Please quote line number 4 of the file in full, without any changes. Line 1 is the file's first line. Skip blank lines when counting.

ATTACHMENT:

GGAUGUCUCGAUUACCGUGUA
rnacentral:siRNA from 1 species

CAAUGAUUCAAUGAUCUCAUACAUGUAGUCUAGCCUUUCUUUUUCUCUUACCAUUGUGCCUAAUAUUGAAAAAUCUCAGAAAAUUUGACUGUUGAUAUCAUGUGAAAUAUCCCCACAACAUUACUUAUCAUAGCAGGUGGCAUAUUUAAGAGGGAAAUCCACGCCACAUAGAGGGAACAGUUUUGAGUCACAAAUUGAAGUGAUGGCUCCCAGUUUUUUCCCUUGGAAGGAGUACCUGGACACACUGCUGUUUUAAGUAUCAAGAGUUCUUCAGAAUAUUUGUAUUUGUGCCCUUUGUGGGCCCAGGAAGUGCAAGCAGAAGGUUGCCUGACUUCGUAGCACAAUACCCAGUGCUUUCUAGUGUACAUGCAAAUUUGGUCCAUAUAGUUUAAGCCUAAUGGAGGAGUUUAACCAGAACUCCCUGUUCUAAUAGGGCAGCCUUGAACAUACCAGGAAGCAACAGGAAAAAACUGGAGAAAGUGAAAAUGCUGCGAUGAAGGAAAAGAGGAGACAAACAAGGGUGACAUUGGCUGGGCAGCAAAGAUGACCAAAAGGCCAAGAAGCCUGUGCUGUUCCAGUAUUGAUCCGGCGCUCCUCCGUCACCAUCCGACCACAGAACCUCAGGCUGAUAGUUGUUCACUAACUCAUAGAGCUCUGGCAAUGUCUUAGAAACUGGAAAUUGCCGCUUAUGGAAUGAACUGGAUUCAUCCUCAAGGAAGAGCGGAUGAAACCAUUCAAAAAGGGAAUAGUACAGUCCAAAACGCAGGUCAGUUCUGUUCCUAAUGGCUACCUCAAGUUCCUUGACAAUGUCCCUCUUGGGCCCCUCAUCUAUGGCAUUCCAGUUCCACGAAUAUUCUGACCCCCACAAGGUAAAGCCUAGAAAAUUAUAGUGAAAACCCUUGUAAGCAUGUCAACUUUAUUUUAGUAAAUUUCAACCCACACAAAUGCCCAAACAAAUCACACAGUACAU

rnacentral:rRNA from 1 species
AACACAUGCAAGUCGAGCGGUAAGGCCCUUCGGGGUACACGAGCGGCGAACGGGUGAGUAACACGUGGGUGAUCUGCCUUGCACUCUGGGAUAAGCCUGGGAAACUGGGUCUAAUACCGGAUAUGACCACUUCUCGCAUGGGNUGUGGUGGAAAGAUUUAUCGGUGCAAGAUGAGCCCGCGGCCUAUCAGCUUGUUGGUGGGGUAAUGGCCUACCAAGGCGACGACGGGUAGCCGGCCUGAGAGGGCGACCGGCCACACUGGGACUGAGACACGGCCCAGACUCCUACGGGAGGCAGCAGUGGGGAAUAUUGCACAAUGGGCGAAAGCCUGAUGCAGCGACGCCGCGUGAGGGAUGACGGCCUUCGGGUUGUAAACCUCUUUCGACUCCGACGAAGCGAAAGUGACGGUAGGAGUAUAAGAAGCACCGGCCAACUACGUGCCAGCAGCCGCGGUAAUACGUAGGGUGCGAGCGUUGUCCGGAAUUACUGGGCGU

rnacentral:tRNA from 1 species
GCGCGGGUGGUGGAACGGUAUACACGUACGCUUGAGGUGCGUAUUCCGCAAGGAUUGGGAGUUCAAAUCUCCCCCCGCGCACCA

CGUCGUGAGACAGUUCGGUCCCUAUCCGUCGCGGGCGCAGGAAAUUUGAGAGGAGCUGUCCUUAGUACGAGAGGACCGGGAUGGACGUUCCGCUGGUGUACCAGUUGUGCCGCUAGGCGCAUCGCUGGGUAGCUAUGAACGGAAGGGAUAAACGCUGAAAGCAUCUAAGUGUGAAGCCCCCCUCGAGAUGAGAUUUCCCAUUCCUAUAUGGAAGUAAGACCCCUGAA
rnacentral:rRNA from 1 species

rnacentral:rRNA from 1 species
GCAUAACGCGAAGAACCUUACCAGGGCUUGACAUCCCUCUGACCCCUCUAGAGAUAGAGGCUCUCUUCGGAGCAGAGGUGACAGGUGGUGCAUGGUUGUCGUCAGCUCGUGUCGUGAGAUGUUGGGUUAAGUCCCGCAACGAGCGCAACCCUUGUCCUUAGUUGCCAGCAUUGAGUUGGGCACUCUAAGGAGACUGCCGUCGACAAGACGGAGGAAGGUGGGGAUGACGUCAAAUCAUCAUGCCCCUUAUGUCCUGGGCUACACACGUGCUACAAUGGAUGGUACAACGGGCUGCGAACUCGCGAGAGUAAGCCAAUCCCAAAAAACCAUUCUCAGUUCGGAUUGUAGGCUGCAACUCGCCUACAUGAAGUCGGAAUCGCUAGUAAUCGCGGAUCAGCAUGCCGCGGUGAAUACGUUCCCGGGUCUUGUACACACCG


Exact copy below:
rnacentral:rRNA from 1 species